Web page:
Today's sub-Zucker parody movies could learn from this film how important it is to love, and be good at emulating, what you're parodying. That Young Frankenstein really looks and feels like an old Universal horror movie is such a huge part of why it works.
Masterful Mel Brooks comedy that is quite funny, especially if you're familiar with the source material. A little more subtle than many of his later movies, but in a good way, and filmed in glorious black-and-white. A lot of witty dialogue and plays on words that could be just dumb, but I think they're hilarious. Gene Wilder is at his gentlemanly best, and the supporting cast is just as fine.
Hard to appreciate a film like this so long after it was released, as all the good jokes have been stolen and re-used so many times, but it's still a good watch. Marty Feldman's "what hump?" bit will always be hilarious, and Gene Wilder is the perfect mix of creepy and funny.
Young Frankenstein marked my first full fledged foray into the Mel Brooks sub genre of film spoofs. It has always been a genre that as a whole I have shied away from because of the contemporary pictures in the genre. Upon seeing the final credits roll, I realised just how ignorant I have been lo these many years of looking down on film spoofs, not only as a genre but as an entertainment.
Young Frankenstein works because it has this really profound balance of parodying the genre it`s focused on as well as having a great reverence to it which is showcased so strongly in Brooks`s direction of the picture.
Beyond the superficial and obvious point of having the picture…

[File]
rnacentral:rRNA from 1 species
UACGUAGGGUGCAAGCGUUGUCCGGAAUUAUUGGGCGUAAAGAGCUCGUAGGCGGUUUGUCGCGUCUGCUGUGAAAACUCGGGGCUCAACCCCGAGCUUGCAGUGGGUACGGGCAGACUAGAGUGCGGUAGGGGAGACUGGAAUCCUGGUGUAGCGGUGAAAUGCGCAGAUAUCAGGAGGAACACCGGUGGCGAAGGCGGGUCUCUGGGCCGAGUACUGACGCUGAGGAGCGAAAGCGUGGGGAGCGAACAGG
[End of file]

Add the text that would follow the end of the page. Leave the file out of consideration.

While not as endlessly re-watchable as Blazing Saddles (I've perhaps seen YF too many times), this film securely cements 1974 as Brooks' finest year. It may not be "The funniest comedy of all time!" as the DVD cover proclaims, but the humor gets to share the spotlight here. The other main attraction is the painstaking recreation of 1930s Universal horror pictures, specifically Frankenstein, the superior Bride of Frankenstein, and their sequels. The look of the film is inspired, occasionally gorgeous (some credit surely belongs to cinematographer Gerald Hirschfeld for adhering to period conventions), and the use of the original Frankenstein lab equipment betrays the filmmakers' reverence to their source material, as well as providing some fun sparking and snapping.…
As we've seen time and time again, anyone can make a satire or a spoof, but few can make one with loving care and genuine earnestness like Mel Brooks can. It is rather sad that this genre has basically died in the last decade or so in lieu of more cynical and crass comedies. But amidst the clamor of its successors, Young Frankenstein is a subtler film, often quiet and still, and yet perfect in timing for every joke and gag. Hopefully the next generation of comedies will eschew their fathers crassness and obscenity and "wollow in der grandwadders wootstops."
Dr. Frankenstein's grandson, after years of living down the family reputation, inherits granddad's castle and repeats the experiments.
This film is the best set-up dick joke. This film benefits greatly from its non-obtrusive direction, allowing its cast to shine. The shift in visual tone from the darker, moodier wide shots to the bright zaniness of the closer is almost a joke in itself, providing suspense not for a scare, but for a laugh.
This review reportedly contains spoilers. I can handle the truth.
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Every film that has ever been nominated for an Academy Award in any category. Enjoy!